Vic Zast

From the perspective of being an owner, an industry pioneer in corporate sponsorship, a track president and fan, Vic Zast writes the "Destinations" column for The Blood-Horse. His five-star ratings of international events have shed light on racing in all corners of the globe - from England, Australia, Hong Kong, Dubai to Japan.

Vic is a regular contributor to MSNBC.com, a columnist for the Illinois Racing News and has written on racing for ESPN.com, National Public radio and The Age, Australia's leading daily.

Vic makes his home in Chicago and lives in Saratoga Springs in August.

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Friday, November 05, 2010


Two Special Ladies - Really!


(LOUISVILLE, KY – November 5, 2010) The Breeders’ Cup has had a difficult time getting people to think of its Friday program as Ladies Day. Unlike horse racing in other parts of the world where the emphasis is on fashion, US horse racing organizers believe Ladies Day means filling their cards with races for fillies and mares – as if the sport would mean more to women if animals of their gender were contestants.

Even if that was the case, and it’s not, the two best female horses at the Breeders’ Cup this year - Zenyatta and Goldikova - will be running on Saturday. Nevertheless, two ladies in waiting showed their higher-placed sisters their heels in the Breeders’ Cup Filly and Mare Turf and the Ladies Classic. Midday came into her race as the lock of the night and she couldn’t get past Shared Account. Blind Luck went off 8-5 and got beat by a bigger margin. Her problem was Unrivaled Belle.

Shared Account, a four-year-old daughter of Pleasantly Perfect, showed her class in the stretch of the Filly and Mare Turf. Up close to the pace for most of the 1-1/2 mile race, she snuck through on the rail at the eighth pole and prevailed by a neck to win the bulk of the $2 million purse. Few bettors gave her a chance from the start. She paid $94.00.

Owner Kevin Plank, who has made Sagamore Farm – the once venerable home of the Vanderbilts – Shared Account's home, gave equal amounts of praise to the filly’s entire team. But jockey Edgar Prado and trainer H. Graham Motion certainly deserve more than others. Prado has ridden the horse nine times, won three times, and finished behind other horses six times by fewer than 12 lengths in total. Motion has coaxed 11 in the money finishes from 16 starts from the bay Keeneland Sales grad.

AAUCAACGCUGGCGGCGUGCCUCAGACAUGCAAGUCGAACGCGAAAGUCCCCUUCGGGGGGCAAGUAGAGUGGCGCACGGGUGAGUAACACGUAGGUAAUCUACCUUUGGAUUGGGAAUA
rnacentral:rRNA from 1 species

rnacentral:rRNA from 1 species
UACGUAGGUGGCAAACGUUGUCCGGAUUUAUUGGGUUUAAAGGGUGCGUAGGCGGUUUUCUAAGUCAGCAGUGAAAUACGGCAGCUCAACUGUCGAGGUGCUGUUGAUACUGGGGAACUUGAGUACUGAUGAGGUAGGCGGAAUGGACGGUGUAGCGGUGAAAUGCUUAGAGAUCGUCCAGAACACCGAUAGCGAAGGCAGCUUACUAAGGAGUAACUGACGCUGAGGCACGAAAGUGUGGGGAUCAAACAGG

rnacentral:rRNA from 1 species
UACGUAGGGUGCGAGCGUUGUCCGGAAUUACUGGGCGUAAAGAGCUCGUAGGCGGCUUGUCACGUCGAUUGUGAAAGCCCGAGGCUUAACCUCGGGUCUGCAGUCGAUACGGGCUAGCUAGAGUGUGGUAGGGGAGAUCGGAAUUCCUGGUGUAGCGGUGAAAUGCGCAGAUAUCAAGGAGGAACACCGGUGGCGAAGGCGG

Thomas Queally, aboard Midday, said, “No, the trip didn’t beat her. The filly that finished first beat her.” All day long, Midday was the one name on everyone’s lips. Obviously, the horse that was given that name is in everyone’s wallets now. Winning two Breeders’ Cups in a row is something that only 10 horses have done. In failing to become number 11, she wasn’t embarrassed.

Unrivaled Belle, the Ladies Classic winner, has been as consistent as you’d want from a runner. She’s hit the board 11 of 12 tries in her life, but managed her long odds today because Blind Luck’s been 15 of 15. The world first heard from her when she knocked Rachel Alexandra off in the Gr. 2 La Troienne Stakes. In this her second start at Churchill Downs, she’s now perfect in Louisville.

Uncharacteristically, jockey Kent Desormeaux didn’t have Unrivaled Belle in her usual pace pressing spot at the beginning. But he took the lead with his Unbridled’s Song filly heading into the last turn and kept widening his lead until Blind Luck just couldn’t overcome it.

Critics of Blind Luck will say that facing older horses is what did the 3-year-old filly in. That might not have been what it was. Trainer Bill Mott had the winner’s circle in mind for Unrivaled Belle for quite some time and he found it. “She was really full of run,” Desormeaux said. “What surprised me about today was how she sat behind horses.” There were no horses before her at the finish.

Vic Zast will be back with more from Churchill Downs tomorrow.


Written by Vic Zast

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